had never particularly examined this part, and when I mentioned your name,
he said you were the most likely man to give me information.

Are there any traces of other muscles? It seems strange if there are none.
Do you know how the muscles are in this part in the anthropoid apes? The
muscles of the ear in man may, I suppose, in most cases be considered as
rudimentary; and so they seem to be in the anthropoids; at least, I am
assured in the Zoological Gardens they do not erect their ears. I gather
there are a good many muscles in various parts of the body which are in
this same state: could you specify any of the best cases? The mammae in
man are rudimentary. Are there any other glands or other organs which you
can think of? I know I have no right whatever to ask all these questions,
and can only say that I should be grateful for any information. If you
tell me anything about the os coccyx or other structures, I hope that you
will permit me to quote the statement on your authority, as that would add
so greatly to its value.

Pray excuse me for troubling you, and do not hurry yourself in the least in
answering me.

I do not know whether you would care to possess a copy, but I told my
publisher to send you a copy of the new edition of the "Origin" last month.

Down, February 1st [1867].

I thank you cordially for all your full information, and I regret much that
I have given you such great trouble at a period when your time is so much
occupied. But the facts were so valuable to me that I cannot pretend that
I am sorry that I did trouble you; and I am the less so, as from what you
say I hope you may be induced some time to write a full account of all
rudimentary structures in Man: it would be a very curious and interesting
memoir. I shall at present give only a brief abstract of the chief facts
which you have so very kindly communicated to me, and will not touch on
some of the doubtful points. I have received far more information than I
ventured to anticipate. There is one point which has occurred to me, but I
suspect there is nothing in it. If, however, there should be, perhaps you
will let me have a brief note from you, and if I do not hear I will
understand there is nothing in the notion. I have included the down on the
human body and the lanugo on the foetus as a rudimentary representation of
a hairy coat. (408/1. "Descent of Man" I., page 25; II., page 375.) I do
not know whether there is any direct functional connection between the
presence of hair and the panniculus carnosus (408/2. Professor Macalister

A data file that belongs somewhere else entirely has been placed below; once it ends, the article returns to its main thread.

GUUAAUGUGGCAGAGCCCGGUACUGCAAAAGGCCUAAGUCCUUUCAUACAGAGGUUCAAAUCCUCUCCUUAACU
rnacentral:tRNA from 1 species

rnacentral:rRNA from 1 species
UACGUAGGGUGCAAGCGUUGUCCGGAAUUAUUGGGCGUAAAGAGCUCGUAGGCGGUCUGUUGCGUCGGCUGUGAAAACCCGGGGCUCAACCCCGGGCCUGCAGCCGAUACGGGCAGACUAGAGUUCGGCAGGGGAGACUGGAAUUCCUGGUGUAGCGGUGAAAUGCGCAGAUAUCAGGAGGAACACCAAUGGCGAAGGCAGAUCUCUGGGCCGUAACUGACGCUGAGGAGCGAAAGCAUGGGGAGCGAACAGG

draws our attention to the fact that Mr. Darwin uses the term panniculus in
the generalised sense of any sheet of muscle acting on the skin.) (to put
the question under another point of view, is it the primary or aboriginal
function of the panniculus to move the dermal appendages or the skin
itself?); but both are superficial, and would perhaps together become
rudimentary. I was led to think of this by the places (as far as my
ignorance of anatomy has allowed me to judge) of the rudimentary muscular
fasciculi which you specify. Now, some persons can move the skin of their
hairy heads; and is this not effected by the panniculus? How is it with
the eyebrows? You specify the axillae and the front region of the chest
and lower part of scapulae: now, these are all hairy spots in man. On the
other hand, the neck, and as I suppose the covering of the gluteus medius,
are not hairy; so, as I said, I presume there is nothing in this notion.
If there were, the rudiments of the panniculus ought perhaps to occur more
plainly in man than in woman...

P.S.--If the skin on the head is moved by the panniculus, I think I ought
just to allude to it, as some men alone having power to move the skin shows
that the apparatus is generally rudimentary.

(408/3. In March 1869 Darwin wrote to Mr. Wallace: "I shall be intensely
curious to read the "Quarterly." I hope you have not murdered too
completely your own and my child." The reference is to Mr. Wallace's
review, in the April number of the "Quarterly," of Lyell's "Principles of
Geology" (tenth edition), and of the sixth edition of the "Elements of
Geology." Mr. Wallace points out that here for the first time Sir C. Lyell
gave up his opposition to evolution; and this leads Mr. Wallace to give a
short account of the views set forth in the "Origin of Species." In this
article Mr. Wallace makes a definite statement as to his views on the
evolution of man, which were opposed to those of Mr. Darwin. He upholds
the view that the brain of man, as well as the organs of speech, the hand